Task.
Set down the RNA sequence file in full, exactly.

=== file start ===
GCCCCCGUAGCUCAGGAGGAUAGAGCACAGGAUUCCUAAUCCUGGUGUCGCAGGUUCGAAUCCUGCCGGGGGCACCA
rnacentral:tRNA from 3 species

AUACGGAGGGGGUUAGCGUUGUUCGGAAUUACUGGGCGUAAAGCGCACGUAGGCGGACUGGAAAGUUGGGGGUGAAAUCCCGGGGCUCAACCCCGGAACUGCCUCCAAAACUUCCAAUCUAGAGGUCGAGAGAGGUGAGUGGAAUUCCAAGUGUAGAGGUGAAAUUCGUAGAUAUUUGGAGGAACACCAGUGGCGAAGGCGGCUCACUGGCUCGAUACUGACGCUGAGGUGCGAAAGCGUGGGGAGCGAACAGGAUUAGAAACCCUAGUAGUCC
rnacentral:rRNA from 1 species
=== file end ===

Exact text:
GCCCCCGUAGCUCAGGAGGAUAGAGCACAGGAUUCCUAAUCCUGGUGUCGCAGGUUCGAAUCCUGCCGGGGGCACCA
rnacentral:tRNA from 3 species

AUACGGAGGGGGUUAGCGUUGUUCGGAAUUACUGGGCGUAAAGCGCACGUAGGCGGACUGGAAAGUUGGGGGUGAAAUCCCGGGGCUCAACCCCGGAACUGCCUCCAAAACUUCCAAUCUAGAGGUCGAGAGAGGUGAGUGGAAUUCCAAGUGUAGAGGUGAAAUUCGUAGAUAUUUGGAGGAACACCAGUGGCGAAGGCGGCUCACUGGCUCGAUACUGACGCUGAGGUGCGAAAGCGUGGGGAGCGAACAGGAUUAGAAACCCUAGUAGUCC
rnacentral:rRNA from 1 species